Just under six years ago, I bought a Pokémon Trading Card Game (TCG) Venusaur Ex Red and Blue Collection Box. I was feeling stressed about studying for my law school exams and, being a massive Pokémon fan, I went for a walk to my local hobby store and decided to engage in some retail therapy. For those of you who are not TCG players, it’s hard to explain the wonderful little dopamine rush one feels every time they open a fresh new pack of cards. That being said, subsequent to buying the box, I was feeling better and decided to store it away in my closet and save opening those packs for a time when I was feeling down.
I soon forgot about the box and never did end up opening it. However, at the beginning of 2022 I discovered something about it I hadn’t realized: in spring 2017 I had bought the box for around $30.00 CAD, and less than 5 years later its average asking price increased over 1100% and many sellers are now offering that same box for around $360.00 CAD. And that’s just for a box where you don’t even know what you’re going to get.
When I was a child I remember being swept up in the Pokémon card collecting frenzy. Many parents, my own included, used to say that we should keep our Pokémon cards because they’d be worth a lot of money one day. Turns out they were absolutely right. The Pokémon TCG has been around for nearly thirty years, and due to their rarity some cards can sell for tens of thousands of dollars. This is also the case for other TCG like Magic the Gathering and Flesh and Blood. Although I haven’t spent that much money on a single card, I will say that now that I am an adult with disposable income I have certainly exercised my financial freedom to spend more money on Pokémon cards than I’m comfortable specifying.
The point I’m trying to make is that Pokémon cards are an example of “personal items” (or “personalty”) that may have significant value. The same goes for other collections: sneakers, Beanie Babies, stamps, Funko Pops or vinyl record collections are all great examples. When dealing with these items in an estate planning context, we often include clauses in wills that address all articles of “personal, domestic, household or garden use or ornament”, sometimes with a reference to include “boats, automobiles and accessories thereto”. In some cases these clauses do not direct the personalty to be gifted to a specific beneficiary but instead simply give the estate trustees discretion as to how to distribute the personalty (including making donations to charity or even to dispose of or destroy them).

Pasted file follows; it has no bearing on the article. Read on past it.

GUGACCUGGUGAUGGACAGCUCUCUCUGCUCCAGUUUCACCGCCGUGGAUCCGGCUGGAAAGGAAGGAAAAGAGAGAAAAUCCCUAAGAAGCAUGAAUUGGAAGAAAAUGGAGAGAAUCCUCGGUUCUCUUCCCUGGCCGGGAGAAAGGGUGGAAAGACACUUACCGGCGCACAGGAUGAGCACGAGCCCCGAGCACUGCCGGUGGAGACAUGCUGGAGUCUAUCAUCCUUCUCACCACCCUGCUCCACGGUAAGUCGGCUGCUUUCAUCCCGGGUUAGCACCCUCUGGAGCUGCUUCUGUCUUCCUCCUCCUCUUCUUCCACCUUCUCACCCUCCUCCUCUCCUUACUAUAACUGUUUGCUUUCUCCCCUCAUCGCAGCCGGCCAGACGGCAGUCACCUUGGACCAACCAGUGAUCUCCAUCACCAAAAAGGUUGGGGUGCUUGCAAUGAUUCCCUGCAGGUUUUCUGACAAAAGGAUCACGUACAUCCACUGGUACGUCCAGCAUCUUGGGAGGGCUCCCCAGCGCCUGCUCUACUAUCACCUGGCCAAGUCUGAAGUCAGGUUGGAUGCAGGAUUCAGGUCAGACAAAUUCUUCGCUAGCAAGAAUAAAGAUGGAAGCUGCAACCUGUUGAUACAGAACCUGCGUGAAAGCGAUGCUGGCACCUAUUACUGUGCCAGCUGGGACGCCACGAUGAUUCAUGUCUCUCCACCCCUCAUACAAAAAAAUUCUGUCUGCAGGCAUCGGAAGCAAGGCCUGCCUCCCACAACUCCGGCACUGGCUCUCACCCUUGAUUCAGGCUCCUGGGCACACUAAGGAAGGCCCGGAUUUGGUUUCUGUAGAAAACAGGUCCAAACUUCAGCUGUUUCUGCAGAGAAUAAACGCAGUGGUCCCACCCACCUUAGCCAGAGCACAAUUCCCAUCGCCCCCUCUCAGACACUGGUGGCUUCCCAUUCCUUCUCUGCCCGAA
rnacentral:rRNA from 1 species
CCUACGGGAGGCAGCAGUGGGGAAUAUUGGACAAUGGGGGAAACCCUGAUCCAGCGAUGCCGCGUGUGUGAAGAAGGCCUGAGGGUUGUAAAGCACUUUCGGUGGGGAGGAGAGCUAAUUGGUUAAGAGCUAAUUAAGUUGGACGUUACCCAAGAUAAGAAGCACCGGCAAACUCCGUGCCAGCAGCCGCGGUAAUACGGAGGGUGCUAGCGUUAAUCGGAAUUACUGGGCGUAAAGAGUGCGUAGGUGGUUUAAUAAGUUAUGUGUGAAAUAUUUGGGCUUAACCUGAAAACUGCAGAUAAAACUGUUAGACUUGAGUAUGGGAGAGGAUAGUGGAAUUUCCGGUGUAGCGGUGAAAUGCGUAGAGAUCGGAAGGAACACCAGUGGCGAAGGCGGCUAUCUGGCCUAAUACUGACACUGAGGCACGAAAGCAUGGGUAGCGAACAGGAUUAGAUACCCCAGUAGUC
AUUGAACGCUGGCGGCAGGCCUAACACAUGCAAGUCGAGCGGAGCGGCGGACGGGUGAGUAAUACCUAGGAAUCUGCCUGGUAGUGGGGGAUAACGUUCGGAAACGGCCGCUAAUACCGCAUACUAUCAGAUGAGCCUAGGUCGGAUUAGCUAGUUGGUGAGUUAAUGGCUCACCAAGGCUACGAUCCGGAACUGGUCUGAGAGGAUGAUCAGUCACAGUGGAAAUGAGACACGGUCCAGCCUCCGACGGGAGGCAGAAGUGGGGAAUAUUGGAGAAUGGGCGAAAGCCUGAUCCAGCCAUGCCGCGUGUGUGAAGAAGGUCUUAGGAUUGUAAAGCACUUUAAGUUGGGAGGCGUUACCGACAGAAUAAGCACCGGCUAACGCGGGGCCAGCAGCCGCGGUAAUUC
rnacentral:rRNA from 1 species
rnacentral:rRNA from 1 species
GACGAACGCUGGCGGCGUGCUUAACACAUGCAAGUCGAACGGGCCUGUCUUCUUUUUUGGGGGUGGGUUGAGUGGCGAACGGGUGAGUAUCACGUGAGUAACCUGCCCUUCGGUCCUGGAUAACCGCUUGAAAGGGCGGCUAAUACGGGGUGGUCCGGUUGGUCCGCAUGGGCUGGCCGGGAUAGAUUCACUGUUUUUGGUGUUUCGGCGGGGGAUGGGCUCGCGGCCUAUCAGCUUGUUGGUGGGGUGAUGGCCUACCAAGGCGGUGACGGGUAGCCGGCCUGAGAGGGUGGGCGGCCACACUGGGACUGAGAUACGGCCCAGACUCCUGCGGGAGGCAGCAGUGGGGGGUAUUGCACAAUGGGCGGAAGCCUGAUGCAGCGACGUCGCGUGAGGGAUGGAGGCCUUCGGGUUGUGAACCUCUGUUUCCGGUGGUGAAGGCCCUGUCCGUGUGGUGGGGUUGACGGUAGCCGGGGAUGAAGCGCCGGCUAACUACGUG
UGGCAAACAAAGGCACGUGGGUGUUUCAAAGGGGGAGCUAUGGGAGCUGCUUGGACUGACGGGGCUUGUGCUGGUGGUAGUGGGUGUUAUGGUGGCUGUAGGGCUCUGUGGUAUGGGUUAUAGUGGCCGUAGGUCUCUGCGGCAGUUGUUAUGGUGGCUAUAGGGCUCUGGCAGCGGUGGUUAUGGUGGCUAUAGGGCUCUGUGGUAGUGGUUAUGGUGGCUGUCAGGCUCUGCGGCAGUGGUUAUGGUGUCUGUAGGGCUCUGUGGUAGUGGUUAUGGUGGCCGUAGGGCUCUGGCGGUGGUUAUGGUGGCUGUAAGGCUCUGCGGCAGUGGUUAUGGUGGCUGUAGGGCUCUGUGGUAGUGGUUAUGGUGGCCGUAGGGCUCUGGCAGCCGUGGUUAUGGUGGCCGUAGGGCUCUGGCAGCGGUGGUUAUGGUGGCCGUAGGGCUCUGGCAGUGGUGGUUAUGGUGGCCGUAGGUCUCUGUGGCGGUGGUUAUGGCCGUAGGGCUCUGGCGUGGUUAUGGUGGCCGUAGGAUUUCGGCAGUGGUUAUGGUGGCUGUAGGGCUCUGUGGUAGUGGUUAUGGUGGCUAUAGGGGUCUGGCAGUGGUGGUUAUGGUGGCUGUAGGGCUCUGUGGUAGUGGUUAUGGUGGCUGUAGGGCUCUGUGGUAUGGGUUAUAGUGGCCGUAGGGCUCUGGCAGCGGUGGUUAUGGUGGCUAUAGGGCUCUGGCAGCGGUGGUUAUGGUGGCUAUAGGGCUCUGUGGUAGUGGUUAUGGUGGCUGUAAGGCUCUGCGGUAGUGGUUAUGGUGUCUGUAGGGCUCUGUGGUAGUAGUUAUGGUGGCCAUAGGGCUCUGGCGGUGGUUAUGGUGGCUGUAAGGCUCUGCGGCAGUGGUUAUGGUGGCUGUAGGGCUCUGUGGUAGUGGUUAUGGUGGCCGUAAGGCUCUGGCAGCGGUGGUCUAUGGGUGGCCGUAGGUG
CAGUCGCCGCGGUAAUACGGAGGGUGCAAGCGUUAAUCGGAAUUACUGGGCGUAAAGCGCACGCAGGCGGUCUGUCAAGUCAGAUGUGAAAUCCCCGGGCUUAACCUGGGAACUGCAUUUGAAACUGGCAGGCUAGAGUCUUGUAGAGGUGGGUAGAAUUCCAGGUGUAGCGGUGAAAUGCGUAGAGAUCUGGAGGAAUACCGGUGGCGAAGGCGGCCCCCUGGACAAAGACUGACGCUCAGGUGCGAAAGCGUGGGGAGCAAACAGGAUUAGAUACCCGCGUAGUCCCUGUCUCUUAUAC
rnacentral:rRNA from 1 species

I share my anecdote about Pokémon cards as a reminder to advisors to ask the clients if they have any collections and if they know what their collections are worth. Collections are exactly the types of “personalty” that may have value which is not known by the client – this is unlike say, jewellery, where the client likely does know that it’s valuable. This is because collector’s items often attribute their ever-increasing value from their scarcity (which becomes more apparent over time), and sometimes the owner may not know that their particular item is rare.
The takeaway is that if the estate planning client knows that their collection is valuable, then they may want it to go to someone specific and may not want it to be captured in the general “personalty” clause. As a general rule, advisors should always confirm with that their clients know the approximate value of their assets as the value of an asset may inform the client’s intent with respect to that asset.
One last thing that I’d like to share is that, as with any other sort of bequest or direction in a will, ascertaining a testator’s intent is key. There have been plenty of cases where it was disputed whether a certain type of personal item fell with in the “personalty” clause in a will. For example, Ontario courts have confirmed that where otherwise not specified a coin collection and a car fell within such clauses. However, in each case the will worded its “personalty” clause differently (sometimes the word “personal” was not even in the clause), and in each case there were other contextual factors to consider.
In the Pokémon card example (and as we’ve seen in other cases of this nature), one might make the argument that if they are collected for the purposes of reselling and investing they should not fall under the “personalty” clause. Indeed, there is a whole world of Pokémon finance out there: a trip to the PokeInvesting subreddit may be particularly enlightening in this regard. On this, the former Ontario Supreme Court stated in the context of whether a car fell within such a clause that “[i]f the motor car pertained to the house or family in the testator’s lifetime, if it was a domestic vehicle, one result would follow; if it was kept and used by him for business purposes, a different result”. So, if there ever were a dispute as to which clause in a will captures the testator’s Pokémon cards, looking at the purpose for which they were collected may be quite relevant.
Again, however, the testator’s intent should be key. If the testator has a collection, it would be prudent to specifically mention it in the will, whether it is to be gifted separately or as part of a “personalty” clause. As someone who works very hard to find good deals on Pokémon cards to maximize their value in the future, I know I wouldn’t want my beneficiaries to fight about them (unless of course they were doing so in the context of an actual card game – after all that’s what Pokémon cards are designed to do)!
 Anyone who has done a video call with me has likely seen my own vinyl record collection on display…and now I’m beginning to think I may have a bit of a spending habit.
 Parrag Estate (Re) (1983),  OJ No 49, 22 ACWS (2d) 249 (Ont SC (HCJ))
 Johnson (Re) (1931),  OJ No 277, 39 OWN 547 (Ont SC (HCJ))